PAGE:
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NASA is expanding its AI4Mars program with new images from the Perseverance rover exploring Mars. Once again, they’re looking to the public to help teach their robots.
After last year’s launch of AI4Mars, NASA developed the Soil Property and Object Classification (SPOC) with images from the Curiosity rover. All machine learning requires teaching, and with SPOC, anyone on earth could teach NASA’s AI to recognize geological features on Mars.
Originally, landscapes could be organized into four general categories, sand, soil, bedrock and big rock.
During the first stage of AI4Mars, members of the public helped to label nearly half a million images from the Curiosity rover. The program learned to properly identify sand, rock, and soil 98% of the time.
Now, the program includes more detailed labels, like islands of rock called float rocks or nodules of minerals. Using the Zooniverse program, designed to be simple enough for fourth graders to understand and use, anyone can draw polygons over images from Perseverance and label them as 6 new types of terrain.
The Perseverance rover is equipped with 19 cameras, and one of the most powerful self-driving systems to be sent into space, AutoNav. The Perseverance rover took its first AutoNav drive in July 2021, and is tasked with finding signs of ancient microbial life on Mars.
With no road maps on Mars, I’m building my own as I go. There are lots of places I want to explore, and mapping while I drive will help me see and do more. Let the road trip begin. pic.twitter.com/cCaaV3M9Gs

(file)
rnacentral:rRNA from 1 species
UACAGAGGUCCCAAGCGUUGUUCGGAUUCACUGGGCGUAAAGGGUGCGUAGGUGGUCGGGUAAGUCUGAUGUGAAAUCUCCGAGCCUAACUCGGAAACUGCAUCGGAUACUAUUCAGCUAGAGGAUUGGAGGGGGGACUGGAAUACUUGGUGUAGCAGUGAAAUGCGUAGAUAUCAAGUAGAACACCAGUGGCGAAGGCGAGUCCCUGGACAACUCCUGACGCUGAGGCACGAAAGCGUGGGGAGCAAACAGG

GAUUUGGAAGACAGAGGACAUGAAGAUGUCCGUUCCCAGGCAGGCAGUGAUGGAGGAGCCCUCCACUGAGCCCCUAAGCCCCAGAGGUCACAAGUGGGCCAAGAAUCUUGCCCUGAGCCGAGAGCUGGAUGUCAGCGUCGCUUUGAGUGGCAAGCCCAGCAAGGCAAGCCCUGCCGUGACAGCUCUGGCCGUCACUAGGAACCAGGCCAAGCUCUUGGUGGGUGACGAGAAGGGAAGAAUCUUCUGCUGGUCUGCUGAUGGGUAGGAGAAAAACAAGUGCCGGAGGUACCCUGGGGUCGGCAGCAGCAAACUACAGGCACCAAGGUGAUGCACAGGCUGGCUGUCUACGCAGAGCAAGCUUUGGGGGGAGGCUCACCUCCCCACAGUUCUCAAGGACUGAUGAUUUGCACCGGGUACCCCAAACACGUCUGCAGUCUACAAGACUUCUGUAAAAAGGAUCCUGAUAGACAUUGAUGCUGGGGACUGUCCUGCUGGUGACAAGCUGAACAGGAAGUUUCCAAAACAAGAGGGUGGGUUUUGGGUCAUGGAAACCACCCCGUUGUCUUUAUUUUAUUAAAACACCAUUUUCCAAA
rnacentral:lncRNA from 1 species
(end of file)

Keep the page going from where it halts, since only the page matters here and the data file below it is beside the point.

— NASA's Perseverance Mars Rover (@NASAPersevere) May 28, 2021
AutoNav works by developing 3D maps of the terrain ahead and responding to that as it moves. AutoNav works faster than any navigation system a rover has been equipped with before because of its ability to think and move at the same time. The Perseverance rover can move at a top speed of 393 feet per hour, while the Curiosity rover could only move at 66 feet per hour.
However, it has trouble distinguishing types of terrain that can be hazardous for rovers, like sandy areas, and scientists still need to identify areas that could be of interest.
Perseverance sends NASA anywhere from dozens to hundreds of images every day, and scientists only have hours to respond with instructions if they see something of interest.
SPOC is still in development, and would help to reduce the number of images coming back to earth, by giving the rover the capability to identify areas of interest on its own. Essentially, it’ll save NASA scientists time in planning routes for their rovers and in finding important formations.
“It would save us time if there was an algorithm that could say, ‘I think I saw rock veins or nodules over here,’ and then the science team can look at those areas with more detail,” said Vivian Sun, a JPL scientist who consulted on the AI4Mars project.
NASA needs help identifying features in about 20,000 images to make SPOC more sophisticated, in the hopes it can be used on a future expedition.
NASA launched the Perseverance rover in July of 2020 and it made its landing on Mars in February 2021. Perseverance is exploring the Jezero crater. In September 2021, the rover cored its first rock sample on Mars.